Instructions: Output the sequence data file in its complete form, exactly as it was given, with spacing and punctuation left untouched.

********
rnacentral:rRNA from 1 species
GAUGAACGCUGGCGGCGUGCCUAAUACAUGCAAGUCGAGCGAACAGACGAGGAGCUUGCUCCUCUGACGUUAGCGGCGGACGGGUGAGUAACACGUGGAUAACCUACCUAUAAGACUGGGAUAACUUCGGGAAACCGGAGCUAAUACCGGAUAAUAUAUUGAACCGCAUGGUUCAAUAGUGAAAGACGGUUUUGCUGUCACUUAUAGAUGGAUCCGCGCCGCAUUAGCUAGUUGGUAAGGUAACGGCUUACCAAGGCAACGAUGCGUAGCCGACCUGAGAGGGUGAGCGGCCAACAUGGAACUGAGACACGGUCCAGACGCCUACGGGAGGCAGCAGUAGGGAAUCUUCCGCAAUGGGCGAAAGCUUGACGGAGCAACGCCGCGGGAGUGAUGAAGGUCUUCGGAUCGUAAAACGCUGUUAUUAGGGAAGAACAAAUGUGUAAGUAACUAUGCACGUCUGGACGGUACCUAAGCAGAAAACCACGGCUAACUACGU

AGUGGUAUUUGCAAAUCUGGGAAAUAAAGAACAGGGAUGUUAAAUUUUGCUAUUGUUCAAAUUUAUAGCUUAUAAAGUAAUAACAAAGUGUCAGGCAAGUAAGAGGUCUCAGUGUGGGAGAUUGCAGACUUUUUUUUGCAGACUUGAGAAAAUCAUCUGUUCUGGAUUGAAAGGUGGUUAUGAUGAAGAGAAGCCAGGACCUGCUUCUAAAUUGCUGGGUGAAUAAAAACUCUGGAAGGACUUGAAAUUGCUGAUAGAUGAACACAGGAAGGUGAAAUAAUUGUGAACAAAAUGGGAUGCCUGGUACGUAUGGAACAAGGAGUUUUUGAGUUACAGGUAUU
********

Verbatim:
rnacentral:rRNA from 1 species
GAUGAACGCUGGCGGCGUGCCUAAUACAUGCAAGUCGAGCGAACAGACGAGGAGCUUGCUCCUCUGACGUUAGCGGCGGACGGGUGAGUAACACGUGGAUAACCUACCUAUAAGACUGGGAUAACUUCGGGAAACCGGAGCUAAUACCGGAUAAUAUAUUGAACCGCAUGGUUCAAUAGUGAAAGACGGUUUUGCUGUCACUUAUAGAUGGAUCCGCGCCGCAUUAGCUAGUUGGUAAGGUAACGGCUUACCAAGGCAACGAUGCGUAGCCGACCUGAGAGGGUGAGCGGCCAACAUGGAACUGAGACACGGUCCAGACGCCUACGGGAGGCAGCAGUAGGGAAUCUUCCGCAAUGGGCGAAAGCUUGACGGAGCAACGCCGCGGGAGUGAUGAAGGUCUUCGGAUCGUAAAACGCUGUUAUUAGGGAAGAACAAAUGUGUAAGUAACUAUGCACGUCUGGACGGUACCUAAGCAGAAAACCACGGCUAACUACGU

AGUGGUAUUUGCAAAUCUGGGAAAUAAAGAACAGGGAUGUUAAAUUUUGCUAUUGUUCAAAUUUAUAGCUUAUAAAGUAAUAACAAAGUGUCAGGCAAGUAAGAGGUCUCAGUGUGGGAGAUUGCAGACUUUUUUUUGCAGACUUGAGAAAAUCAUCUGUUCUGGAUUGAAAGGUGGUUAUGAUGAAGAGAAGCCAGGACCUGCUUCUAAAUUGCUGGGUGAAUAAAAACUCUGGAAGGACUUGAAAUUGCUGAUAGAUGAACACAGGAAGGUGAAAUAAUUGUGAACAAAAUGGGAUGCCUGGUACGUAUGGAACAAGGAGUUUUUGAGUUACAGGUAUU